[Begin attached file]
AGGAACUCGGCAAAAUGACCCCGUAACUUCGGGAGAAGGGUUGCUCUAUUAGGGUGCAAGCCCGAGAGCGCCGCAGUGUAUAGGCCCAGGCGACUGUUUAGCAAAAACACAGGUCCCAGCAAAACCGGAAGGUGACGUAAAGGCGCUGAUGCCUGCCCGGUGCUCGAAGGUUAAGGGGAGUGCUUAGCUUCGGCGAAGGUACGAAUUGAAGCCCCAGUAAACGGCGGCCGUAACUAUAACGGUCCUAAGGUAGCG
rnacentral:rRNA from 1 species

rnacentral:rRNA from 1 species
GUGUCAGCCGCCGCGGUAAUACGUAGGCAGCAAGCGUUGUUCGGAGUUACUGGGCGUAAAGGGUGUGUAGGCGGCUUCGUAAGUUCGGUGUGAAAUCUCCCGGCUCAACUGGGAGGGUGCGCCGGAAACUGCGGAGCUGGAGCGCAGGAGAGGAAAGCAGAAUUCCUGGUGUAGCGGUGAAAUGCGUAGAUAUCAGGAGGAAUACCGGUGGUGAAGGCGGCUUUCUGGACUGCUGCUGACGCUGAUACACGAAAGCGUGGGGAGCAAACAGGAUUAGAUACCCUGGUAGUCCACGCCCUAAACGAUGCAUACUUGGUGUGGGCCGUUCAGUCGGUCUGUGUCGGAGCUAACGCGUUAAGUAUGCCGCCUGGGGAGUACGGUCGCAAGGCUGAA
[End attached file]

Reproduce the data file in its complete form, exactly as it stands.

AGGAACUCGGCAAAAUGACCCCGUAACUUCGGGAGAAGGGUUGCUCUAUUAGGGUGCAAGCCCGAGAGCGCCGCAGUGUAUAGGCCCAGGCGACUGUUUAGCAAAAACACAGGUCCCAGCAAAACCGGAAGGUGACGUAAAGGCGCUGAUGCCUGCCCGGUGCUCGAAGGUUAAGGGGAGUGCUUAGCUUCGGCGAAGGUACGAAUUGAAGCCCCAGUAAACGGCGGCCGUAACUAUAACGGUCCUAAGGUAGCG
rnacentral:rRNA from 1 species

rnacentral:rRNA from 1 species
GUGUCAGCCGCCGCGGUAAUACGUAGGCAGCAAGCGUUGUUCGGAGUUACUGGGCGUAAAGGGUGUGUAGGCGGCUUCGUAAGUUCGGUGUGAAAUCUCCCGGCUCAACUGGGAGGGUGCGCCGGAAACUGCGGAGCUGGAGCGCAGGAGAGGAAAGCAGAAUUCCUGGUGUAGCGGUGAAAUGCGUAGAUAUCAGGAGGAAUACCGGUGGUGAAGGCGGCUUUCUGGACUGCUGCUGACGCUGAUACACGAAAGCGUGGGGAGCAAACAGGAUUAGAUACCCUGGUAGUCCACGCCCUAAACGAUGCAUACUUGGUGUGGGCCGUUCAGUCGGUCUGUGUCGGAGCUAACGCGUUAAGUAUGCCGCCUGGGGAGUACGGUCGCAAGGCUGAA